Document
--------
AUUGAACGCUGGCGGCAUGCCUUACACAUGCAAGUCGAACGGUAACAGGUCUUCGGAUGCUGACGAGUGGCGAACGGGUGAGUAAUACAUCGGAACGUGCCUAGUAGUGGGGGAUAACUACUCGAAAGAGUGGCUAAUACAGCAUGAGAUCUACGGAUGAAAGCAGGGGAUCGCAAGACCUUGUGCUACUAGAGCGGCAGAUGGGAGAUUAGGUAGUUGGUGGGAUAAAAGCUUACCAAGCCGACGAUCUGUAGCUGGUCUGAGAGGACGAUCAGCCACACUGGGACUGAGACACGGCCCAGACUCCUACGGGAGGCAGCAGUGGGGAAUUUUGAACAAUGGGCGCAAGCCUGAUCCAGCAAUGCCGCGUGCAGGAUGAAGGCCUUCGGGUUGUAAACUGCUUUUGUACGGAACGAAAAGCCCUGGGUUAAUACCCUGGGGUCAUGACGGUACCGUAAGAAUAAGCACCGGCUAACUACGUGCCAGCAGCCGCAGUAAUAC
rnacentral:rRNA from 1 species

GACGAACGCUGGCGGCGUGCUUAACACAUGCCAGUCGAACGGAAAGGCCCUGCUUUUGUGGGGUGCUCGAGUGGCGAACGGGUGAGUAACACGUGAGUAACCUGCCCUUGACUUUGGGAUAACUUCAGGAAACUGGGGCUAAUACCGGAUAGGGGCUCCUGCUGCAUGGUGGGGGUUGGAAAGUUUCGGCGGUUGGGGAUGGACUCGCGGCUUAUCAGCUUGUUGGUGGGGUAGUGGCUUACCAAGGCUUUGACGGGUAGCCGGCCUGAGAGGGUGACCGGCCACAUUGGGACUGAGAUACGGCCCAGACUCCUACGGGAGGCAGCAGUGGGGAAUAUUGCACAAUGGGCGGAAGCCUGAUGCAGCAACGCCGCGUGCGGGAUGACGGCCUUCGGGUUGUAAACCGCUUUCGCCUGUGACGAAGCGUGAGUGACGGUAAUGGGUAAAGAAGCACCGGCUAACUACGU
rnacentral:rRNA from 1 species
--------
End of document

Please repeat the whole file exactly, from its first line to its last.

AUUGAACGCUGGCGGCAUGCCUUACACAUGCAAGUCGAACGGUAACAGGUCUUCGGAUGCUGACGAGUGGCGAACGGGUGAGUAAUACAUCGGAACGUGCCUAGUAGUGGGGGAUAACUACUCGAAAGAGUGGCUAAUACAGCAUGAGAUCUACGGAUGAAAGCAGGGGAUCGCAAGACCUUGUGCUACUAGAGCGGCAGAUGGGAGAUUAGGUAGUUGGUGGGAUAAAAGCUUACCAAGCCGACGAUCUGUAGCUGGUCUGAGAGGACGAUCAGCCACACUGGGACUGAGACACGGCCCAGACUCCUACGGGAGGCAGCAGUGGGGAAUUUUGAACAAUGGGCGCAAGCCUGAUCCAGCAAUGCCGCGUGCAGGAUGAAGGCCUUCGGGUUGUAAACUGCUUUUGUACGGAACGAAAAGCCCUGGGUUAAUACCCUGGGGUCAUGACGGUACCGUAAGAAUAAGCACCGGCUAACUACGUGCCAGCAGCCGCAGUAAUAC
rnacentral:rRNA from 1 species

GACGAACGCUGGCGGCGUGCUUAACACAUGCCAGUCGAACGGAAAGGCCCUGCUUUUGUGGGGUGCUCGAGUGGCGAACGGGUGAGUAACACGUGAGUAACCUGCCCUUGACUUUGGGAUAACUUCAGGAAACUGGGGCUAAUACCGGAUAGGGGCUCCUGCUGCAUGGUGGGGGUUGGAAAGUUUCGGCGGUUGGGGAUGGACUCGCGGCUUAUCAGCUUGUUGGUGGGGUAGUGGCUUACCAAGGCUUUGACGGGUAGCCGGCCUGAGAGGGUGACCGGCCACAUUGGGACUGAGAUACGGCCCAGACUCCUACGGGAGGCAGCAGUGGGGAAUAUUGCACAAUGGGCGGAAGCCUGAUGCAGCAACGCCGCGUGCGGGAUGACGGCCUUCGGGUUGUAAACCGCUUUCGCCUGUGACGAAGCGUGAGUGACGGUAAUGGGUAAAGAAGCACCGGCUAACUACGU
rnacentral:rRNA from 1 species